Noises Off at A Noise Within & Other Fun & Games

It takes a special kind of comic sensibility to appreciate Michael Frayn’s Noises Off. A British one is highly recommended, because Frayn’s play is full of it, meaning that it helps to have some familiarity with British accents, sentence structure and expressions (there’s a helpful glossary in the program). The British enjoy this particular kind of slapstick, a bit more than Americans generally do.

To love-love-love Noises Off, as you’ll discover if you catch the current production at Pasadena’s A Noise Within, you’d better be prepared for a lot of silly nonsense, pratfalls and women running around in luscious underwear while frumpy housekeepers mess up telephones and send plates of sardines flying about for no good reason at all except that it’s funny.

Deborah Srang in Noises Off at A Noise Within.
Deborah Srang in Noises Off at A Noise Within.

Follow me here: This is a comedy about another play called Nothing On that is being given a production within this production by a small and not entirely disciplined British company. It is fraught with all the things that will go wrong when these “English” actors take on the daunting staging of this comedy-within-a-comedy. Plates fly, clothes fly, pants drop, contact lenses pop out, and doors slam. (Do doors ever slam.)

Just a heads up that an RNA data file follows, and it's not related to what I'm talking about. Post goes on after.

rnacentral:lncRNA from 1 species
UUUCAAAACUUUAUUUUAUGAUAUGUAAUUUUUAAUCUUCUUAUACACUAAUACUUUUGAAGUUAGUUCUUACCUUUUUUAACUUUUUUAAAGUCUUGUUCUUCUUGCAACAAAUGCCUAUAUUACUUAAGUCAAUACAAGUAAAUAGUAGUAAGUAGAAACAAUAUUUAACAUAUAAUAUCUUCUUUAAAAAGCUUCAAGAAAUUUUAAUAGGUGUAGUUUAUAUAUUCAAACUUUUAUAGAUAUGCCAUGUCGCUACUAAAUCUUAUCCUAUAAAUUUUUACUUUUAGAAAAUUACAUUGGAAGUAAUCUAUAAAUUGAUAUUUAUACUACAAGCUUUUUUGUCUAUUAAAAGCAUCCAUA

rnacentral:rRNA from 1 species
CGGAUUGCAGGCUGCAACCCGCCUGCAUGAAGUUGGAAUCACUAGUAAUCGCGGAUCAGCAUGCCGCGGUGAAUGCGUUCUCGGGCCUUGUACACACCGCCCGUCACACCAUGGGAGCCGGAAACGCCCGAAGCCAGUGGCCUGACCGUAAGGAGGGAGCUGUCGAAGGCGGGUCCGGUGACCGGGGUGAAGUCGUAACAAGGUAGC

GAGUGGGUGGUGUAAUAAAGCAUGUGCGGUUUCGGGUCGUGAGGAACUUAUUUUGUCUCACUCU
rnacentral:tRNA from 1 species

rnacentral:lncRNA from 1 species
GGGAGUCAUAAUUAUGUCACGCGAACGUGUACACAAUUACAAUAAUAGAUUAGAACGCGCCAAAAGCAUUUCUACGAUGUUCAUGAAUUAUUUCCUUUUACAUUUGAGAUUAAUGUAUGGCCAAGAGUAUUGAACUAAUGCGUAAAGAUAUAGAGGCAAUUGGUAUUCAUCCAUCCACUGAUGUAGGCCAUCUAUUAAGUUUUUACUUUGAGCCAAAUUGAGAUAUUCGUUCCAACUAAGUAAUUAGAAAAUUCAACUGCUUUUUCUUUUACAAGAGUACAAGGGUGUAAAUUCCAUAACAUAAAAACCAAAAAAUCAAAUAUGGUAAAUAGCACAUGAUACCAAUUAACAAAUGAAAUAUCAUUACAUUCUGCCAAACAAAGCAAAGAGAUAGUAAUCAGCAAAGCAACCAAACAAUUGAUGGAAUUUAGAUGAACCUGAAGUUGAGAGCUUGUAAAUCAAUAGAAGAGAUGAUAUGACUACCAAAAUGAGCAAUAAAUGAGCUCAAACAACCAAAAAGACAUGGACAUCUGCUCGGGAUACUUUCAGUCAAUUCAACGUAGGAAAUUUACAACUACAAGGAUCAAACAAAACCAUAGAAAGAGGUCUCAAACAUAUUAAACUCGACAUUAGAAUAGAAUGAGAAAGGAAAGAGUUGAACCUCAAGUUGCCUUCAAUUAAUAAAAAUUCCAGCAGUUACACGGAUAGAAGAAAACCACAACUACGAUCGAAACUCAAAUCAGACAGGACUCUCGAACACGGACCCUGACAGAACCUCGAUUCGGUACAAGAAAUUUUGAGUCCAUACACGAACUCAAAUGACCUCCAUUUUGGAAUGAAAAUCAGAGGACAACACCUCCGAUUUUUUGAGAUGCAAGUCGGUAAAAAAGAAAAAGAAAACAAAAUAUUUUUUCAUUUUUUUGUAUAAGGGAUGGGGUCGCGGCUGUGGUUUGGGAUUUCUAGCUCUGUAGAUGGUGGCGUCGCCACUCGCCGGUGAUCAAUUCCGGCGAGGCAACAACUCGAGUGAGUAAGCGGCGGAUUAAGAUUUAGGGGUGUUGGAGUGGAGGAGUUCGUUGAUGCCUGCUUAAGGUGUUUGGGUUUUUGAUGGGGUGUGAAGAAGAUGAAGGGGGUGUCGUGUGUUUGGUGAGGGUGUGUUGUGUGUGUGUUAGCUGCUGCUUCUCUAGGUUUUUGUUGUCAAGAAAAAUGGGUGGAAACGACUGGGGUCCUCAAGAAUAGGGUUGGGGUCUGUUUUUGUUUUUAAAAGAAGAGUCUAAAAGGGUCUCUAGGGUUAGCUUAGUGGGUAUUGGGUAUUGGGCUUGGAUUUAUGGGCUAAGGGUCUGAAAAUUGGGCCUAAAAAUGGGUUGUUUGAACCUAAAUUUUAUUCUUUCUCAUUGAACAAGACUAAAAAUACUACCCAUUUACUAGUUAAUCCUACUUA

It’s a type of theatre swiped from the popular turn-of-the-20th century French boulevardier comedies (translation: giggly, saucy, distracted stuff). But too much of a good thing can cause surfeit. In more ways than one. Noises Off started out as a fund-raising skit that grew, and it shows. Too many doors, too many sardine jokes, too many minor catastrophes, too many lip-smacking moments. However, there is a central idea here that is highly original: Noises Off is a comedy in three acts that catches three frenetic beginnings of Nothing On’s Act One, from three different perspectives: rehearsal, backstage and performance.

Spoiler alert — they will not be described here. Even though the play dates back to 1982, it has been subjected to tweaks and rewrites since. Revealing more might ruin the fun for some of the uninitiated and other visitors from Mars.

l-r, Erika Soto, Jeremy Rabb, Emily Kosloski, Deborah Strang, Jill Hill, /geoff Elliott and Apllo Dukakis, Kasey Mahaffy standing in the doorway in Noises Off at A Noise Within. with
l-r, Erika Soto, Jeremy Rabb, Emily Kosloski, Deborah Strang, Jill Hill, Geoff Elliott and Apllo Dukakis, with Kasey Mahaffy standing in the doorway in Noises Off at A Noise Within. with

Playwright Michael Frayn, you see, has packed more knock-down-drag-out comic events in this play than there may be angels on the head of a pin. After a while they do tend to collide and run into one another much as the actors do. A lot of people find this excruciatingly funny, which accounts for this play’s inexhaustible popularity. Other people, myself among them, find that a little of this can go quite a long way.